Burnout is a term we hear a lot nowadays. It’s classified by the World Health Organization as an occupational phenomenon and the direct result of “chronic workplace stress that has not been successfully managed.” It shows itself in a number of ways, from depleting energy and exhaustion surrounding your work to increased negativism or cynicism relating to your job. Given the events of the last two years, it’s surprising we don’t hear it more.
Truth is: We’ve all experienced burnout.
In fact, The Mckinsey Health Institute found that, across 15 countries, over 26% of employees experience burnout symptoms. Its biggest perpetrator? Toxic workplace behavior. The McKinsey Health Institute also found that employers are more likely to overlook how burnout affects their employees, and underinvest in solutions. This in turn promotes adaptability training as the go-to. But research suggests that employees with high adaptability are more likely to leave an organization with a harmful environment.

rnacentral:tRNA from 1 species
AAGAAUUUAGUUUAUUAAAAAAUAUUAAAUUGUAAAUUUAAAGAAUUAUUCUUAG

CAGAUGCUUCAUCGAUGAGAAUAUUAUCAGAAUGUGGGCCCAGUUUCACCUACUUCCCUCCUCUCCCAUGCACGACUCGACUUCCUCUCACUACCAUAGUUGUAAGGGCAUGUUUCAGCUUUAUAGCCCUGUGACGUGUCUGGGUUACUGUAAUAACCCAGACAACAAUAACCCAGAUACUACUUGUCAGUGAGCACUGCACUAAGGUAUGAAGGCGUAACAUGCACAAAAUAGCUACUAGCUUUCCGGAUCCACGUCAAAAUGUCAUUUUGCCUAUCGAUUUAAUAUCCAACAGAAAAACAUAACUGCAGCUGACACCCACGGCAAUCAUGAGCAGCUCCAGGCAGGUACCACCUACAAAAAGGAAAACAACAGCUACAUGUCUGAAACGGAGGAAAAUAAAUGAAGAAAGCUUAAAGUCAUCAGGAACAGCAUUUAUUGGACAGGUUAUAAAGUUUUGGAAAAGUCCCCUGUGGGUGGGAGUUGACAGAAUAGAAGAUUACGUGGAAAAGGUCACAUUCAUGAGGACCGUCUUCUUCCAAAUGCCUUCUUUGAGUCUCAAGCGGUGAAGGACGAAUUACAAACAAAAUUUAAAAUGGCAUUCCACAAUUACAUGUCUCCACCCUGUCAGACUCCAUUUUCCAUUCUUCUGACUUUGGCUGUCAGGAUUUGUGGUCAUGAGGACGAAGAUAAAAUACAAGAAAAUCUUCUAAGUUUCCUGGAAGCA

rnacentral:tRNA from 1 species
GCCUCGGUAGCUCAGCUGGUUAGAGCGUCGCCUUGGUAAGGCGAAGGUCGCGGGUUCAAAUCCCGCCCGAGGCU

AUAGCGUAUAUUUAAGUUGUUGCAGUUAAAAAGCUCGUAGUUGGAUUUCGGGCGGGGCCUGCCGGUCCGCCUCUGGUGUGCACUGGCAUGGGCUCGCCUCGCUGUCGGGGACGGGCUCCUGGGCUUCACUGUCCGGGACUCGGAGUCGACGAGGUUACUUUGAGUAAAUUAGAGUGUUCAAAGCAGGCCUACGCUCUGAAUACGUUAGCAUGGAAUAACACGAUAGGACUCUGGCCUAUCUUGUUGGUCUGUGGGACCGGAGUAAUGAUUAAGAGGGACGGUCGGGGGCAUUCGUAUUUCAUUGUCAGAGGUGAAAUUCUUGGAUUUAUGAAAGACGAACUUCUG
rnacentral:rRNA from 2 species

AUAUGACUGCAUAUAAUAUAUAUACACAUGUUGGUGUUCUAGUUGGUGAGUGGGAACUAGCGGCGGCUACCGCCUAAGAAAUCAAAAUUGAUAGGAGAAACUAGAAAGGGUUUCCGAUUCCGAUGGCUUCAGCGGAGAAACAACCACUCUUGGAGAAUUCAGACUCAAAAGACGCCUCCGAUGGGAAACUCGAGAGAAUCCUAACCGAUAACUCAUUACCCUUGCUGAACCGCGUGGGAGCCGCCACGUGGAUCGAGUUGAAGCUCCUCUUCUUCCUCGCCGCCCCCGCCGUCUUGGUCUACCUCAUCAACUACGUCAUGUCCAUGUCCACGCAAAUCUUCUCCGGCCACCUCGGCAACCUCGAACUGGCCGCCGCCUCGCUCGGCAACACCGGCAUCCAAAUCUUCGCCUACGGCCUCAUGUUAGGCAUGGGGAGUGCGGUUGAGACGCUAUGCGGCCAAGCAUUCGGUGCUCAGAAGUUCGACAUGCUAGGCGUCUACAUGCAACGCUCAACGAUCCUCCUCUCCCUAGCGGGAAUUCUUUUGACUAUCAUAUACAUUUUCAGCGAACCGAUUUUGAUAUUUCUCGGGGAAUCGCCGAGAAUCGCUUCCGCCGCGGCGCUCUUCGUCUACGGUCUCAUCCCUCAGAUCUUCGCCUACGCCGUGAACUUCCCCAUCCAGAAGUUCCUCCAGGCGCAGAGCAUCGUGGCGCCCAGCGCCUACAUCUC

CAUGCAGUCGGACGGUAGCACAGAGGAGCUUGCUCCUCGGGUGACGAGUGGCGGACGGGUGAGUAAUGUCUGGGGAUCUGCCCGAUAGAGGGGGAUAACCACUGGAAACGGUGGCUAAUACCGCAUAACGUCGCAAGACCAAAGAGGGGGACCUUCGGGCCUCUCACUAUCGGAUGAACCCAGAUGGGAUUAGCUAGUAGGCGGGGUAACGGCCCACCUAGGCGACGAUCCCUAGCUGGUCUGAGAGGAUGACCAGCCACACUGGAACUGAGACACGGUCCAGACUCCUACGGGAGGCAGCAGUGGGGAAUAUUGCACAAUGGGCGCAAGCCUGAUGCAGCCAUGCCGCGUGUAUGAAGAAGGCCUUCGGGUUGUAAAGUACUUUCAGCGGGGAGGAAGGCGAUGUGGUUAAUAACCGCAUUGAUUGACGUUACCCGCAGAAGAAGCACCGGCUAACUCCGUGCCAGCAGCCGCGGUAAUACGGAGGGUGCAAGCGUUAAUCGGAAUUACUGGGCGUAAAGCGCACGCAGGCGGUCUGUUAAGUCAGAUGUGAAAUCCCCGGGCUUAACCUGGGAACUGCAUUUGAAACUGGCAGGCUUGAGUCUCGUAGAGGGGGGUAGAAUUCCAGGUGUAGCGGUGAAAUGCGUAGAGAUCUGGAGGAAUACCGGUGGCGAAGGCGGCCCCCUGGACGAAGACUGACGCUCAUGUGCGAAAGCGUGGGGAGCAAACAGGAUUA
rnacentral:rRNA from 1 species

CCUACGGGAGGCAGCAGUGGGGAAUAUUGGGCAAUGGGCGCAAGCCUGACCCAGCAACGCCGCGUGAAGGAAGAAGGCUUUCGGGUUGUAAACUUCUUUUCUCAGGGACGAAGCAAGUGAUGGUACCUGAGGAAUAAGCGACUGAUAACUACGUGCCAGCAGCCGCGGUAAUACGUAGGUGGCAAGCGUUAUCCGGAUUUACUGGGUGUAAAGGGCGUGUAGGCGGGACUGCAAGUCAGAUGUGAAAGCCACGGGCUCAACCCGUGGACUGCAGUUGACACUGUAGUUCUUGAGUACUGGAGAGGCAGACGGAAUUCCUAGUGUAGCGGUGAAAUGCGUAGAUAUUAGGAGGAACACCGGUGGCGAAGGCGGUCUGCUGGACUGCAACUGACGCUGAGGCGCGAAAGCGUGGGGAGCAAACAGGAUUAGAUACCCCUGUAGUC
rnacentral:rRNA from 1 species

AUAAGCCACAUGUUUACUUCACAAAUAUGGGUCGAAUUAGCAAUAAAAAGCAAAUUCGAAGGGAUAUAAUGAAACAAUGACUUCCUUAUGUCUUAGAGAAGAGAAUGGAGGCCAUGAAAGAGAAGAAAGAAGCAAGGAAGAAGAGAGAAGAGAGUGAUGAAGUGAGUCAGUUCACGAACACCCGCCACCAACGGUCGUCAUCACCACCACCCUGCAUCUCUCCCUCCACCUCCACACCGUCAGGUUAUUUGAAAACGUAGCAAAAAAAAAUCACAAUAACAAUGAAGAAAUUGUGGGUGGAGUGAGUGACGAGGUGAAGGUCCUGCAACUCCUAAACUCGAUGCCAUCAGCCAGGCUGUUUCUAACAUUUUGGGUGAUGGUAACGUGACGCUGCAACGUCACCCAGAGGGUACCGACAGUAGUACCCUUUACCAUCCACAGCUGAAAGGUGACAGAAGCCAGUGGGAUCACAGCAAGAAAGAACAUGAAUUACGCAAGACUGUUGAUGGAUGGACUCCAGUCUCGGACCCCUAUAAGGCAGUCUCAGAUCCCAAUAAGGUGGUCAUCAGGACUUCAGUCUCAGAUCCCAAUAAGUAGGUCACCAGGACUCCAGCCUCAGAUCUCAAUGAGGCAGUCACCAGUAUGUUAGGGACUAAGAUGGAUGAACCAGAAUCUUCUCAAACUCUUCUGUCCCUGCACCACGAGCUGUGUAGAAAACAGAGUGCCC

It seems to treat the symptoms of burnout is not enough to solve the problem. Instead, we must focus on the problem itself.
In his book, The 4 Stages of Psychological Safety: Defining the Path to Inclusion and Innovation, Timothy R. Clark explains that we thrive in situations where we are respected and given the room to learn, contribute, fail, and challenge the status quo. Nurturing our psychological safety results in “an explosion of confidence, engagement, and performance.”
Timothy R. Clark, and other experts on burnout, can be found on our Know Ahead List and website, hooksbookevents.com. Our world-class programs may be exactly what your organization needs to ensure you’re not ensnared by burnout.